R.M. Stribling’s “From Gettysburg to Appomattox” gives undeniable proof of Lincoln’s conspiracy with his generals to secure his reelection: and Holland’s “Lincoln” says that “when Lincoln killed, by pocketing it, a bill for the reconstruction of the Union which Congress had just passed, Ben Wade, Winter Davis and Greeley published in Greeley’s Tribune (August 6) a bitter manifesto, “charging the President, by preventing this bill from becoming a law, with purposely holding the electoral votes of the rebel States at the discretion of his personal ambition”; and Usher tells how “pretended representatives from Virginia, West Virginia, and Louisiana were seated in Congress;” and (August, 1864) Schouler says: “An address to the people by the opposition in Congress accused Lincoln of the creation of bogus States.”

General [John C.] Fremont, the preceding nominee of Lincoln’s party for the presidency, charged Lincoln with “incapacity, selfishness, disregard of personal rights, and liberty of the press;” also “with feebleness, want of principle, and managing the war for personal ends.”

Lincoln’s success was not won by the North, for a large part of its people were against Lincoln’s policy of coercion. So, seeing voluntary enlistments ceasing, and the draft unpopular, by offering large bounties and other inducements, Lincoln secured recruits as follows: 176,800 Germans, 144,200 Irish, 99,000 English and British-Americans, 74,000 other foreigners, 186,017 Negroes, and from the border States 344,190, making a grand total of 1,151,660 men.

It is readily seen that without this great addition to Lincoln’s Northern army he would have been “in bad,” for, as it was, the North was almost on the point of “quitting” several times.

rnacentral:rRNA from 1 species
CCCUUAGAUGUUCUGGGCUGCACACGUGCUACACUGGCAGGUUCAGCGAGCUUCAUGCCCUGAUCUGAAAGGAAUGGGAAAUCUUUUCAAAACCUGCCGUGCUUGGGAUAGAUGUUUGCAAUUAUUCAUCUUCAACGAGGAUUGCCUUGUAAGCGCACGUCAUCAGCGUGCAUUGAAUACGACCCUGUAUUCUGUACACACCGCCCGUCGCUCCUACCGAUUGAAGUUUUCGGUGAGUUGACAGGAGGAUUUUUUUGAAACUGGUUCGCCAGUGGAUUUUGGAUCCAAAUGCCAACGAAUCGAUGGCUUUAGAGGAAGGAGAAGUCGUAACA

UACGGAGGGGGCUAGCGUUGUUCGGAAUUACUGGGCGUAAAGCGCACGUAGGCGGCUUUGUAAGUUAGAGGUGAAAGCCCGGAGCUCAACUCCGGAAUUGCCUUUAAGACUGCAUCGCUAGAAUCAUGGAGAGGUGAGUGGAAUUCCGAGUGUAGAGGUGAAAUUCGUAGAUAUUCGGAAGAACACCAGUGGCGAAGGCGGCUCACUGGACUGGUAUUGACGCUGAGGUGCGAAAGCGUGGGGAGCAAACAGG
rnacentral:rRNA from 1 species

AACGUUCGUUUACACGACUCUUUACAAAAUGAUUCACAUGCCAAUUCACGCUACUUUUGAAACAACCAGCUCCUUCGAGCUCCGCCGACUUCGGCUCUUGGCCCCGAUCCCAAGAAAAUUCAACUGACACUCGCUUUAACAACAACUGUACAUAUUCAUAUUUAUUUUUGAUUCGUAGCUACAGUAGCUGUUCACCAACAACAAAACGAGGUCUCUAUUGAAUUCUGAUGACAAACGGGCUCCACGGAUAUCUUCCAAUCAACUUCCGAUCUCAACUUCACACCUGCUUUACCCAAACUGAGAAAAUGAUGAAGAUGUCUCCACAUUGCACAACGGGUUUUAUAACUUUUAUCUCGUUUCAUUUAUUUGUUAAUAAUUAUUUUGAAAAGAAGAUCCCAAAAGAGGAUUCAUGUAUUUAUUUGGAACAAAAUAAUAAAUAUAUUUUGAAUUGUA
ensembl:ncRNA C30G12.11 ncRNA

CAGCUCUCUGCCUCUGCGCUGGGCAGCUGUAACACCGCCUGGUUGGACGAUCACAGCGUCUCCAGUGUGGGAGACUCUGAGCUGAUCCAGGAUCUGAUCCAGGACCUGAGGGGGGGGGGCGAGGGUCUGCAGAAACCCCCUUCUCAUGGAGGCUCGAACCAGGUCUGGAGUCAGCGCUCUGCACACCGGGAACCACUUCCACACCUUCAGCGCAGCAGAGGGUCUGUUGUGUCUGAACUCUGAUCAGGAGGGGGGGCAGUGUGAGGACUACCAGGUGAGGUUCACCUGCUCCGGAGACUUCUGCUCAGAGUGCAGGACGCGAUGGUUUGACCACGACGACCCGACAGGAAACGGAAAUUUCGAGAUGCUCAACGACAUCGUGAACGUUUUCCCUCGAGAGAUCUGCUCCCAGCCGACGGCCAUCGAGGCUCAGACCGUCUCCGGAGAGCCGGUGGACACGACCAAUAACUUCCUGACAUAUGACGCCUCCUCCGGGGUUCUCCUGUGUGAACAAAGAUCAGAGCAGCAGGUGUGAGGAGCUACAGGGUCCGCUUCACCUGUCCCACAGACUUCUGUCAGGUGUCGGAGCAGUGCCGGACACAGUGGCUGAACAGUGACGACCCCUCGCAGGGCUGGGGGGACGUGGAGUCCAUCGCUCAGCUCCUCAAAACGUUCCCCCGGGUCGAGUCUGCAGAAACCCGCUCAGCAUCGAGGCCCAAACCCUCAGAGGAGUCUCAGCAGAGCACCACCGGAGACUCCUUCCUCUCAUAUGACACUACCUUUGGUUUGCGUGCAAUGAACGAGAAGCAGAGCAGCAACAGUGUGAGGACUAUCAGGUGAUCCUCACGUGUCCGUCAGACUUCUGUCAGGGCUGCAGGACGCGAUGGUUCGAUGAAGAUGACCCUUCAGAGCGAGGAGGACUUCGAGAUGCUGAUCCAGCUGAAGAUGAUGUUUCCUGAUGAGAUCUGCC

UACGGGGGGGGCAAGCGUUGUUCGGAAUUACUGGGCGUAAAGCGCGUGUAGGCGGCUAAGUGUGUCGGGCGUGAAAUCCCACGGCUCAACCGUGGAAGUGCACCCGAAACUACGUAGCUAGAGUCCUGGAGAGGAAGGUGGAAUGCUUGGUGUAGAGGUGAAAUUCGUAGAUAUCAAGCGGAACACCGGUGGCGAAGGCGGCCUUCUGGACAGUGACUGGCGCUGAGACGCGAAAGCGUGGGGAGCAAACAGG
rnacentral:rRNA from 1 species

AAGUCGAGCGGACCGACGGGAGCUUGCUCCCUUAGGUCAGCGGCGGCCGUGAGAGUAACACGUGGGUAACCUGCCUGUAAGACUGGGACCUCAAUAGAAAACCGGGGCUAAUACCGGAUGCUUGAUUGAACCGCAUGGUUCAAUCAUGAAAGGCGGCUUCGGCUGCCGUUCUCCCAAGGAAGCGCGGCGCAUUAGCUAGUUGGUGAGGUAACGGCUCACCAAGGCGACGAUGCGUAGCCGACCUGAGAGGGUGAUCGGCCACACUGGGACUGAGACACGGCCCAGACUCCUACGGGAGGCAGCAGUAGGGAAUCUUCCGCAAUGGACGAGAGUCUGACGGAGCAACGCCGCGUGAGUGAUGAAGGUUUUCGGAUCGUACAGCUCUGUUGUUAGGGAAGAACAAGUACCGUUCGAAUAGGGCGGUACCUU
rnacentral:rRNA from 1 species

In an article in the [Confederate] Veteran, October, 1924 (“On Force and Consent”) Dr. Scrugham [states:] ”The United Daughters of the Confederacy have rendered a signal service to the perpetuation of government based on the consent of the governed by keeping alive the memory of the bravery of those who died that such government might not perish from the Southern States. Their work will not be completed till they have convinced the world, after the manner of the Athenian Greeks, that the Greek memorial to Lincoln in Washington, DC is dedicated to the wrong man.”  Amen.

Finally, let it not be forgotten, that this principle of government by the consent of the people was the rock on which our fathers of 1776 built the “new and more perfect” Union of States; and later, was the fundamental principle of the Union of the Southern Confederacy . . .”

(Events Leading to Lincoln’s Second Election, Cornelius B. Hite, Washington, DC, Confederate Veteran, July, 1926, excerpts, pp. 247-248)

 

A Foreigner’s Observations of America’s War

 

The Russian diplomat to Washington during the war was Baron Edouard de Stoeckl, who wrote detailed letters of American politics to his government in St. Petersburg.  A born aristocrat, Stoeckl blamed America’s plight and tragedy on its “ultra-democratic system.” He pointed out that “only a handful of demagogues were able to accomplish this work of destruction.” He never ceased deploring the rule of the mob and warned that this tragic result of democracy should be a warning to Europe.  It should be noted that he never overlooked an opportunity to offer his services as a conciliator between North and South.